Upon prolonged viewing of a sinusoidal grating, the visual system is selectively desensitized to the spatial frequency of the grating, while the sensitivity to other spatial frequencies remains largely unaffected. This technique, known as pattern adaptation, has been so central to the psychophysical study of the mechanisms of spatial vision that it is sometimes referred to as the "psychologist's microelectrode." While this approach implicitly assumes that the adaptation behavior of the system is diagnostic of the corresponding underlying neural mechanisms, this assumption has never been explicitly tested. We tested this assumption using adaptation bandwidth, or the range of spatial frequencies affected by adaptation, as a representative measure of adaptation. We constructed an intentionally simple neuronal ensemble model of spatial frequency processing and examined the extent to which the adaptation bandwidth at the system level reflected the bandwidth at the neuronal level. We find that the adaptation bandwidth could vary widely even when all spatial frequency tuning parameters were held constant. Conversely, different spatial frequency tuning parameters were able to elicit similar adaptation bandwidths from the neuronal ensemble. Thus, the tuning properties of the underlying units did not reliably reflect the adaptation bandwidth at the system level, and vice versa. Furthermore, depending on the noisiness of adaptation at the neural level, the same neuronal ensemble was able to produce selective or nonselective adaptation at the system level, indicating that a lack of selective adaptation at the system level cannot be taken to mean a lack of tuned mechanisms at the neural level. Together, our results indicate that pattern adaptation cannot be used to reliably estimate the tuning properties of the underlying units, and imply, more generally, that pattern adaptation is not a reliable tool for studying the neural mechanisms of pattern analysis.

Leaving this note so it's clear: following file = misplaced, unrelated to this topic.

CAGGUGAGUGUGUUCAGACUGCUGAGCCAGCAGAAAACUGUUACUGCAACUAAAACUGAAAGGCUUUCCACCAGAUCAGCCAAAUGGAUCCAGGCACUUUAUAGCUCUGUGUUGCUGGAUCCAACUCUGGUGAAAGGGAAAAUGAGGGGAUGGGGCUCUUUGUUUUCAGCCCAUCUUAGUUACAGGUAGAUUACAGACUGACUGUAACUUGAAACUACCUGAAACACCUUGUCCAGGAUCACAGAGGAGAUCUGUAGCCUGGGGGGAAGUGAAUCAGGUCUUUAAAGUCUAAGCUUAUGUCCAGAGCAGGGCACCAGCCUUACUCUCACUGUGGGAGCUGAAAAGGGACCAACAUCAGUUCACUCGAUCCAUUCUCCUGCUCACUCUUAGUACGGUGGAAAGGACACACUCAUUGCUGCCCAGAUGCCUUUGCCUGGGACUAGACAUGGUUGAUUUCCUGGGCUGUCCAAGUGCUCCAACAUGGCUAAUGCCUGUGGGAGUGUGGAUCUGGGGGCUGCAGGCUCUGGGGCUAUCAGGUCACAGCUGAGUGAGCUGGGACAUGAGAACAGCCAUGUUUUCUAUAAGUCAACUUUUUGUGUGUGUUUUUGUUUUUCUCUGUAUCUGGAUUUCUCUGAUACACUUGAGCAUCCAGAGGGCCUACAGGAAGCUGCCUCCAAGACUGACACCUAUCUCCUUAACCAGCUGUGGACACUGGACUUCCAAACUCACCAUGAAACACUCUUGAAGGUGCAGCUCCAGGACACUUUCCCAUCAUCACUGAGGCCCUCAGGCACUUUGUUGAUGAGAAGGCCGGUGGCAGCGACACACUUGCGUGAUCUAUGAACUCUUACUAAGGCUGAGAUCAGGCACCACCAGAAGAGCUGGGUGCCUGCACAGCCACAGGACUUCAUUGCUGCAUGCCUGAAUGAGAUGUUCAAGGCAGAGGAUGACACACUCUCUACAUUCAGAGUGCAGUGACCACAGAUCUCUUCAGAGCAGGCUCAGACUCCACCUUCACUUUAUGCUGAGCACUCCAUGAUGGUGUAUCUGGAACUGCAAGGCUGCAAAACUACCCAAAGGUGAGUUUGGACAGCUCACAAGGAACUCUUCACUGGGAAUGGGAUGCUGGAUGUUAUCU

ASJC Scopus subject areas